Hello dear one,
I’ve been burning a lot of sage this year. I know that sounds rather cliché. But I want to share with you how I’ve been working with the sage in my garden to connect with my European ancestral roots and care for my health.
Following the recommendation of my qigong teacher, Master Chunyi Lin, I have been burning incense throughout my home at least every two weeks, beginning with the basement and traveling through every room. Master Lin recommended sandalwood because that is his tradition. Meanwhile some of my indigenous friends regularly burn sage throughout their homes.
Burning incense or sage is a way to purify the air. I’m speaking foremost about energetic cleansing. In qigong we talk about creating an energetic environment that is not hospitable to viruses. But sandalwood and sage are both known for their anti-microbial properties so might they also be transmitting that into the air?
It’s important for me to connect with how my European ancestors also burned herbs to purify the air. My Protestant ancestors rejected burning incense as they rebelled against the pomp and power structures of the Catholic and Anglican churches. But my English and Irish ancestors also had their herbal traditions.
According to this lovely article there was a practice in France of burning rosemary and thyme in hospitals to keep the air clean and preventing contagion. Some of the European plants used in smoke purification included vervain, mugwort, pine, and juniper. I’m going to talk about mugwort. Isn’t that a witchy sounding name? There are many references on the internet to it’s medicinal and magical properties.
The Latin name for common mugwort is artemisia vulgaris. Artemisia is a very large genus of plants named after the Greek moon goddess Artemis who is goddess of the wilderness, the hunt and wild animals, and fertility.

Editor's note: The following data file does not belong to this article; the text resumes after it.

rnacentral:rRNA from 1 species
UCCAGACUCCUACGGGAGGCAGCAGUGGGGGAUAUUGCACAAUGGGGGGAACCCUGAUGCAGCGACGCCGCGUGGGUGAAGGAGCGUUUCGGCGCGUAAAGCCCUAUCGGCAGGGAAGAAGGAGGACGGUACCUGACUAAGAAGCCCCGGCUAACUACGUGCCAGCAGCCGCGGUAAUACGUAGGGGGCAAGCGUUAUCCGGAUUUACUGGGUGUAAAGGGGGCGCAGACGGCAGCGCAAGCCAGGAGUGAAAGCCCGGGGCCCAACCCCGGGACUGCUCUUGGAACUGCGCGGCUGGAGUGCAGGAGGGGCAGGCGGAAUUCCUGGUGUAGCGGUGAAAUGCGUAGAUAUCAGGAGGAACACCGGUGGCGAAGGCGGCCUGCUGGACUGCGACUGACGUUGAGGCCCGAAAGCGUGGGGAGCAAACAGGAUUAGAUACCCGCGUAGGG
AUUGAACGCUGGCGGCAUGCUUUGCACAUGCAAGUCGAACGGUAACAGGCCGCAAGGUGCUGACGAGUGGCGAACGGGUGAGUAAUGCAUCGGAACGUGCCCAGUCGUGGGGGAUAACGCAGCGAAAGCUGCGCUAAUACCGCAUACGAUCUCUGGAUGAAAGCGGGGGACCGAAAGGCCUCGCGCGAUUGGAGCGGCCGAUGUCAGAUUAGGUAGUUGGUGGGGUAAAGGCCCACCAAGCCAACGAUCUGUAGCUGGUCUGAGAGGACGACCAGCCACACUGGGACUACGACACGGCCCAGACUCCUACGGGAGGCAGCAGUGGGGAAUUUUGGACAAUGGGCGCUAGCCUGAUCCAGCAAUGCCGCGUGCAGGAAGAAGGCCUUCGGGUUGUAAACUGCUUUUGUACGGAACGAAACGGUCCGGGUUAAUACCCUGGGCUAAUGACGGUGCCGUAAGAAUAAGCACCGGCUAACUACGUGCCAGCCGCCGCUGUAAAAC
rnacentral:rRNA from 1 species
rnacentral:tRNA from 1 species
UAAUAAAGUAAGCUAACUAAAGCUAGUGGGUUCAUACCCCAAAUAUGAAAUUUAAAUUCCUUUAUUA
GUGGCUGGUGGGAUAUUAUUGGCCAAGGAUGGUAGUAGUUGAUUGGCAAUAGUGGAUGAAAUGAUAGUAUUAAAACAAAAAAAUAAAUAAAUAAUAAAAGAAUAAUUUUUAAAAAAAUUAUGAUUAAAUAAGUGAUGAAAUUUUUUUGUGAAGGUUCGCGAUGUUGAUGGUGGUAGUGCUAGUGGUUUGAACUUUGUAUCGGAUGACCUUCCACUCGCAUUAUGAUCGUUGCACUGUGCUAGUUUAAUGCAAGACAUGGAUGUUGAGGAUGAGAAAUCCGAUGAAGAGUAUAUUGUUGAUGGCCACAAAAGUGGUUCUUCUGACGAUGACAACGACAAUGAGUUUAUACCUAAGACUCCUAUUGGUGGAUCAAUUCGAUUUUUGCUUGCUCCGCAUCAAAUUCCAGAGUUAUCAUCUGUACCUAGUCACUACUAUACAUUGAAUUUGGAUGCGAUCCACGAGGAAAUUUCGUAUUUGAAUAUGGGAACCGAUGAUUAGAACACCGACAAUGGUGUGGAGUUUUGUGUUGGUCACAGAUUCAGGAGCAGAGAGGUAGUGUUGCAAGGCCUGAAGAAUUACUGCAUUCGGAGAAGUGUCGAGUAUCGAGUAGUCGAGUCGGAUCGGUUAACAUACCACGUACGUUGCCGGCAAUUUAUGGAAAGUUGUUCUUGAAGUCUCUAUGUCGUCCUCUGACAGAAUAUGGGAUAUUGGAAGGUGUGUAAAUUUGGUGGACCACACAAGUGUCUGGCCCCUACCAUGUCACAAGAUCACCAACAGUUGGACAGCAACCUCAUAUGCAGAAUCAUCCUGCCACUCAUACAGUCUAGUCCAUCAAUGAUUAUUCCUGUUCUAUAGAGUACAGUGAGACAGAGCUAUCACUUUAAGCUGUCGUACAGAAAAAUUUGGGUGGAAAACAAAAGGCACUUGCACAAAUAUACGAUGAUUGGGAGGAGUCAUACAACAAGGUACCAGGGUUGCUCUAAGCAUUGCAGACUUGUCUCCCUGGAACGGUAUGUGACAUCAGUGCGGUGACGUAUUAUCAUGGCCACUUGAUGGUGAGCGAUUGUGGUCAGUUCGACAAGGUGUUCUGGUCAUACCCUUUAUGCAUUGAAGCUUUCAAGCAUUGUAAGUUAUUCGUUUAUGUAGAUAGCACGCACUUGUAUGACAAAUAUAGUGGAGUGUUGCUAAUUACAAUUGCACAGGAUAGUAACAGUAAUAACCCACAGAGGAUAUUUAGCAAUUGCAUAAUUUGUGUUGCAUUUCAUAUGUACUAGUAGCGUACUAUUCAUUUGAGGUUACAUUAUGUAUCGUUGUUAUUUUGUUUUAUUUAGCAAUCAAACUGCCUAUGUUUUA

In my garden in Minnesota I grow artemisia ludoviciana, which also goes by many less colonized names including prairie sage. Ludoviciana is the latin form meaning “of Louisiana” (although probably it refers to “St. Louis”). This prairie sage, relative of common mugwort, is what I burn to cleanse my home. My ancestors would have used the native plants where they lived and I too prefer to use native plants. I approach the sage with the intention of it not only connecting me with the wisdom of my mugwort-using ancestors but also helping me live in this place according to the instructions from the land’s indigenous caretakers.
Here is what the sage looks like in my garden. Growing or gathering your own sage rather than buying it gives it a whole other energy. Some cultures have special ways of making offerings or singing songs at harvest. The simple advice from this aforementioned article by Nikki Darrell is “before harvesting set your intention and sit a while with the plant to ask permission to harvest part of it and use it for this purpose.”
Bundles of sage drying in my kitchen.
To use the sage I strip some of the dried leaves off of the stalk and roll them into a ball between my palms.
I place the ball in a shell or bowl that can withstand heat and ashes. I light a corner of the ball and a wonderful smoke emerges. It has a more earthy quality than the white sage that is more commonly used in commercial sage sticks.
Wishing you good health!
Joy & Healing Every Week!
Join any week to Healing Waters Qigong, a Spring Forest Qigong Practice Group, or the Wisdom Dances Circle, based in Laura Shannon’s research on women’s traditional dances as tools for healing and transformation.